waterfront, not far from the casino, and they’d be filming scenes on the S.S.
Avalon, standing in for Cyrus’s yacht, the Itola.
“You’ll look great,” I said,
hoping I was right. World’s most famous redhead, and they were depending on me
to keep her looking her best. Clara had to shine like gold or I’d get the sack.
“What’s your name?” she asked.
“Daisy. Daisy DeVoe.”
“Pleased to meetcha. I’m Clara,”
she said unnecessarily. She held out her hand and smacked her gum.
“I know,” I said with a chuckle
and took it—the hand, not the gum.
“So whereya from, Daisy DeVoe?”
At least twenty other flicker
stars had asked me the same thing, looking to pass the time while they were in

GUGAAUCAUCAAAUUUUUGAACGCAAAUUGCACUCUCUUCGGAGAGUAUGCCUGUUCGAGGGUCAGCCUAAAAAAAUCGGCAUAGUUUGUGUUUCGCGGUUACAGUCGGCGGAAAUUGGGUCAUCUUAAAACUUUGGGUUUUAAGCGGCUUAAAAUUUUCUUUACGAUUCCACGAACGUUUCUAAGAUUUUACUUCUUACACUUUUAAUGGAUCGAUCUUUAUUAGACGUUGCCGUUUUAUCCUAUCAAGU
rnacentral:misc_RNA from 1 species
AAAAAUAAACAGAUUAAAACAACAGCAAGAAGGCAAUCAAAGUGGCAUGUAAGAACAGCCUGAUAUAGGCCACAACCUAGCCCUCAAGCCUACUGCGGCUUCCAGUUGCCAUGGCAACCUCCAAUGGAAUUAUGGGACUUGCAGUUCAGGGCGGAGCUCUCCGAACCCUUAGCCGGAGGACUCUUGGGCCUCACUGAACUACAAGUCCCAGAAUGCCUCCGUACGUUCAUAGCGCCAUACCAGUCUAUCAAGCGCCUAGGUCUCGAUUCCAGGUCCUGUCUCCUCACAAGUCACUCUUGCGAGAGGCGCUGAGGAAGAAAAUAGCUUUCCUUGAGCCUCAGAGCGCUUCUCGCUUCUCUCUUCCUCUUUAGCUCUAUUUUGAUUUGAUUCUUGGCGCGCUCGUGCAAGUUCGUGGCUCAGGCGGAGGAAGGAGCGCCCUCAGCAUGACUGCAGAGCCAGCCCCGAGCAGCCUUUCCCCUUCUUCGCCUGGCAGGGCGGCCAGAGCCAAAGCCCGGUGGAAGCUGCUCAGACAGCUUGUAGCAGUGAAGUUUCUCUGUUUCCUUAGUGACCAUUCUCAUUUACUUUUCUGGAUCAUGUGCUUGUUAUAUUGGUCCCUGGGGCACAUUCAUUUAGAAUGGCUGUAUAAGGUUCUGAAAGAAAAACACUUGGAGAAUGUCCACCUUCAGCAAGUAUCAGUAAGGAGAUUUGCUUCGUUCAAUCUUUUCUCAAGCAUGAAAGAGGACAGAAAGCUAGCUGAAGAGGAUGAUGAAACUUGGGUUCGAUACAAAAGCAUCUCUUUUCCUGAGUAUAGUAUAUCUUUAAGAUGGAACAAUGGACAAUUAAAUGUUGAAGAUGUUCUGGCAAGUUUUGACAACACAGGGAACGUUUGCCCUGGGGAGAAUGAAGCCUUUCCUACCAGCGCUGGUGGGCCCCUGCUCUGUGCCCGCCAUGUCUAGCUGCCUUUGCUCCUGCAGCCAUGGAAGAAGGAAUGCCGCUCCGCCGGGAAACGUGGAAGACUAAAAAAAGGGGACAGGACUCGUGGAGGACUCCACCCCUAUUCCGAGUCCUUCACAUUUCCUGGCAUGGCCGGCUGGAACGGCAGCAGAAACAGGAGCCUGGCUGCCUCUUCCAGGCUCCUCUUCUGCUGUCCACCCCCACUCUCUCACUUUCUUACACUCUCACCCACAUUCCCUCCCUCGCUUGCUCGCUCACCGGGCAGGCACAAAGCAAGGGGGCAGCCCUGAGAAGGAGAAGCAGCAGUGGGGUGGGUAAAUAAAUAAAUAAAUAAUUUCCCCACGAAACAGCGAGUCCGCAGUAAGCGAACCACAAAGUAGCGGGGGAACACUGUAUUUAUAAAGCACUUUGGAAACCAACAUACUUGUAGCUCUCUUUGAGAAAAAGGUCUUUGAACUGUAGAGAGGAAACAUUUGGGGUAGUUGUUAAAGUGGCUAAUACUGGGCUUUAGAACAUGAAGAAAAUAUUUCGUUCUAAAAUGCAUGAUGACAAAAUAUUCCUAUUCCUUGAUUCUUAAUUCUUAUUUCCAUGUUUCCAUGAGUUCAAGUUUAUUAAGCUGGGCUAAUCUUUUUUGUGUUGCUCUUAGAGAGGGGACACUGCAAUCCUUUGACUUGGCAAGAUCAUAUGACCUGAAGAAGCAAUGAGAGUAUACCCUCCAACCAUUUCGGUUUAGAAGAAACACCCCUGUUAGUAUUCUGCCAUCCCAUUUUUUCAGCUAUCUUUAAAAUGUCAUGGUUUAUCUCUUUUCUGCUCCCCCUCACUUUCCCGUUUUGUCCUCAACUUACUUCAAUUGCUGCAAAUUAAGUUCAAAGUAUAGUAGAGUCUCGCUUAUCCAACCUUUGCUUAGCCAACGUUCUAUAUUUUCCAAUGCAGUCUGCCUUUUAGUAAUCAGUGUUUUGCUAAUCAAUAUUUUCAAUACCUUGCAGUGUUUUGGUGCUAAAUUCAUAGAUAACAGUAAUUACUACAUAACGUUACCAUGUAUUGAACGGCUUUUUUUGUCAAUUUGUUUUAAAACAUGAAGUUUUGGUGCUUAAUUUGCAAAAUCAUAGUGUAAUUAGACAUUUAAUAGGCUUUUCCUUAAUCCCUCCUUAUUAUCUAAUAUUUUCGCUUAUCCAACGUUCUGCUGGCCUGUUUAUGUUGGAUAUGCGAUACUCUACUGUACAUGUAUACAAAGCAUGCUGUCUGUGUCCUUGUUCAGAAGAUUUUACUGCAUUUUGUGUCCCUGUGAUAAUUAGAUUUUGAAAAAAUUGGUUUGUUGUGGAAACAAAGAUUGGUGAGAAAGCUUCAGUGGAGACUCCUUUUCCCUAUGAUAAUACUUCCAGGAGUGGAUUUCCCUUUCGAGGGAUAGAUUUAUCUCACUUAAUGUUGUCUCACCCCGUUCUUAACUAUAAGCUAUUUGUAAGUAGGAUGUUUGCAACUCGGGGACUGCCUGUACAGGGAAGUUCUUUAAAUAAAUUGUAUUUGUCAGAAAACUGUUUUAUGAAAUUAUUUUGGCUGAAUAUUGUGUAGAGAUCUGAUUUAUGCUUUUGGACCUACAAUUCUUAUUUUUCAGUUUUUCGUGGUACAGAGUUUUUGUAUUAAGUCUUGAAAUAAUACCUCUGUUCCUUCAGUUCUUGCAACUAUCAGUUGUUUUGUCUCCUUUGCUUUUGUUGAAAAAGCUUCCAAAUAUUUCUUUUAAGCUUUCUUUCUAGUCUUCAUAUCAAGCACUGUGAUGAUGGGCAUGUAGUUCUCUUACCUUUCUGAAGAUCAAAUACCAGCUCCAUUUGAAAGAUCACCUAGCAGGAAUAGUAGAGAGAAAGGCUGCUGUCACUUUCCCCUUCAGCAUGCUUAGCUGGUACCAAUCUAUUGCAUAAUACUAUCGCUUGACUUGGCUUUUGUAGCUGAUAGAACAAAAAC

the chair. But most people didn’t have a clue where Kentucky was or why it
existed. There was nothing notable about it at all, except you could probably
get better bourbon there than just about anywhere else in America right then.
My people were used to revenue men. Had been outrunning them for years.
“Paducah, Kentucky, originally,” I
“Wherezat?” she said, wrinkling
“On the Ohio River, about halfway
between the north and the south,” I said.
“You talk funny,” she said.
“Yeah?” I said defensively. “You
She slapped her knee and gave a
big hooting laugh. That did it. We were friends.
“Let’s see what condition your
hair’s in before I get started,” I said, examining the color and texture of the
strands. She glanced at me in the mirror as I looked at the roots and the ends.
“It looks a little dull to me.